The Hamas Takeover of Gaza

Then in June 2007 Hamas militants, convinced that the international community was funding and arming Fatah to take control of the Gaza Strip, launched a violent takeover. All Fatah ministers were removed from power. Hamas has been in control of the Gaza Strip ever since, and has used the coastal enclave as a launching pad for missile strikes into Israeli cities leading to numerous wars.

Related Reading – In Focus: Israel’s Gaza Wars

Hamas Hatches a Coup Attempt in the West Bank

The two sides signed a peace agreement in Sana’a, Yemen on March 23, 2008.  The deal called for the Gaza Strip to be ruled under a joint leadership, as it was before June 1967. This did not occur. Following Operation Cast Lead, Hamas tortured and executed at least 30 Palestinians – many of whom were Fatah members – accused of collaborating with Israel.  

The two sides met in Cairo in February to restart unity talks, but these fell apart. Egypt made a proposal for Palestinian unity in 2010, but negotiations broke down because – among other things – Hamas’ refusal to renounce violence and recognize Israel’s right to exist. This was followed by the Doha Agreement and Cairo Agreement, both signed in 2012.

Despite these efforts, tensions between Fatah and Hamas reached a peak when the US-backed Abdel Fattah Al-Sisi became President of Egypt in 2013. Al-Sisi decided to keep the Rafah border crossing between Gaza and Egypt closed until PA President Abbas was given control of Gaza.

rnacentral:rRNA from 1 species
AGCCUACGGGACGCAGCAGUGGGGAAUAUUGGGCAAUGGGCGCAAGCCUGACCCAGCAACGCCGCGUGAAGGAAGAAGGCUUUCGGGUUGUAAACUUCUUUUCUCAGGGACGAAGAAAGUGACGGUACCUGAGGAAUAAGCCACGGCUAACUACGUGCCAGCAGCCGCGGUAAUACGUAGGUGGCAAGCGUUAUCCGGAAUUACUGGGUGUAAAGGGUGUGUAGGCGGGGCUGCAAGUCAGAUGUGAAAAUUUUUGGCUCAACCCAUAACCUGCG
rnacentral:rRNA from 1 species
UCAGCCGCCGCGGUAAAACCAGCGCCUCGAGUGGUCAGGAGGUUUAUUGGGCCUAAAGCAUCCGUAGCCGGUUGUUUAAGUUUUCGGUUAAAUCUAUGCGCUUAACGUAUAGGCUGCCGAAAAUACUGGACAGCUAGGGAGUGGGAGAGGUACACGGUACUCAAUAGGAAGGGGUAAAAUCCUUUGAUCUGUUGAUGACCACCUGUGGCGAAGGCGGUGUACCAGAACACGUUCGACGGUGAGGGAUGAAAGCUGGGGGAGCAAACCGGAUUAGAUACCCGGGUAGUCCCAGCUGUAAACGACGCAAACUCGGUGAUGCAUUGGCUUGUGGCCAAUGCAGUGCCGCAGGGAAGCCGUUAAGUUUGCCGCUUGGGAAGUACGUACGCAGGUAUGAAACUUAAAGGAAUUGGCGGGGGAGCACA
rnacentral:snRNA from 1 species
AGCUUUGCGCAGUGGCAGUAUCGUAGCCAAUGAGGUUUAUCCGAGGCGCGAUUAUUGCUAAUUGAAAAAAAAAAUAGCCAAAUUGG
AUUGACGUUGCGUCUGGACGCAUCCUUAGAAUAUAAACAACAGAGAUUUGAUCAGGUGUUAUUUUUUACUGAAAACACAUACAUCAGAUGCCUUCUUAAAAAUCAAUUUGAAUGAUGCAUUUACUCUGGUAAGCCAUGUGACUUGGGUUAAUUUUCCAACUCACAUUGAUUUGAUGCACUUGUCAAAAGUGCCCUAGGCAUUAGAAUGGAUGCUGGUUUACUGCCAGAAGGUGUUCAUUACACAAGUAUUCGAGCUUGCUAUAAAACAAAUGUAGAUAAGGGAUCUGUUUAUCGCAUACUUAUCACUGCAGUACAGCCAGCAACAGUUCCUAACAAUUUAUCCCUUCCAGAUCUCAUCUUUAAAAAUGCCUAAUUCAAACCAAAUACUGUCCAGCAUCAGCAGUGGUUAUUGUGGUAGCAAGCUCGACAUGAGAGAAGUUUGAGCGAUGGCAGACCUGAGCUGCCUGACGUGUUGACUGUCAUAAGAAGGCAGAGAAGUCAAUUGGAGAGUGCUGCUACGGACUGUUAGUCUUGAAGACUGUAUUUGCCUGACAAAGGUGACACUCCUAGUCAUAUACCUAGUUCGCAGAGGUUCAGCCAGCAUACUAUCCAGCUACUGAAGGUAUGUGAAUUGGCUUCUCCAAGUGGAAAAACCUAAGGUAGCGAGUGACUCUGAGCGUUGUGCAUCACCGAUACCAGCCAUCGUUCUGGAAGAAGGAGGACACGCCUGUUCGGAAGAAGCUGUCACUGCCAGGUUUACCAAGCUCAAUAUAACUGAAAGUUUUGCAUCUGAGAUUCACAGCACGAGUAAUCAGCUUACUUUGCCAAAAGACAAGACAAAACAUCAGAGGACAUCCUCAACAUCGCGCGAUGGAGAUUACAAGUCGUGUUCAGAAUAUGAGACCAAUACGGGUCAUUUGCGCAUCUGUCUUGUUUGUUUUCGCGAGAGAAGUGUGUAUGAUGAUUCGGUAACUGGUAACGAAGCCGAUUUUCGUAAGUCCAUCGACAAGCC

Hamas saw this as the PA leadership partnering with Israel to blockade the Gaza Strip, and responded by launching a coup attempt to take control of Palestinian areas inside the West Bank. Israeli security services discovered and foiled the plot.

Fatah’s Plan To Take Back the Strip

Then, a reconciliation agreement was signed on April 23, 2014. The deal called for a unity government to be formed within five weeks, and elections for president and the legislature to be held within six months. But the Hamas kidnapping and murder of three Israeli teenagers and Israel’s subsequent Operation Protective Edge put this on hold. 

This round of reconciliation talks ultimately collapsed in 2016, when Fatah leaders began demanding that Hamas relinquish its control of the Gaza Strip and rumors began to circulate about a Fatah plan to take the Strip back by force.  

In October 2017, other Arab countries inserted themselves into the unity efforts. The United Arab Emirates, Qatar and Egypt forced the two sides to sign an agreement giving Fatah full civilian control of Gaza in exchange for assisting Hamas with its economic crisis due to the blockade, including the opening of the Rafah border crossing.  

Israel’s Opposition To Fatah-Hamas Reconciliation

Israel is vehemently opposed to any cooperation between the PA and Hamas. In April 2011 Prime Minister Benjamin Netanyahu said “the PA must choose either peace with Israel or peace with Hamas. There is no possibility for peace with both.” The United States and European Union are also against any reconciliation.  

Meanwhile US President Donald Trump’s Middle East peace plan, which the Palestinians have rejected, has pushed them further away from Israel and towards Hamas in  a common struggle against Israel.  

So will this reconciliation rumor lead Fatah to reject its recognition of Israel?  Will the changing environment in the Middle East cause Hamas to do an about face and recognize Israel?  

Or, will the latest Fatah-Hamas reconciliation attempt lead to nothing at all?

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Feature image via Wikimedia Commons.



Dov Lipman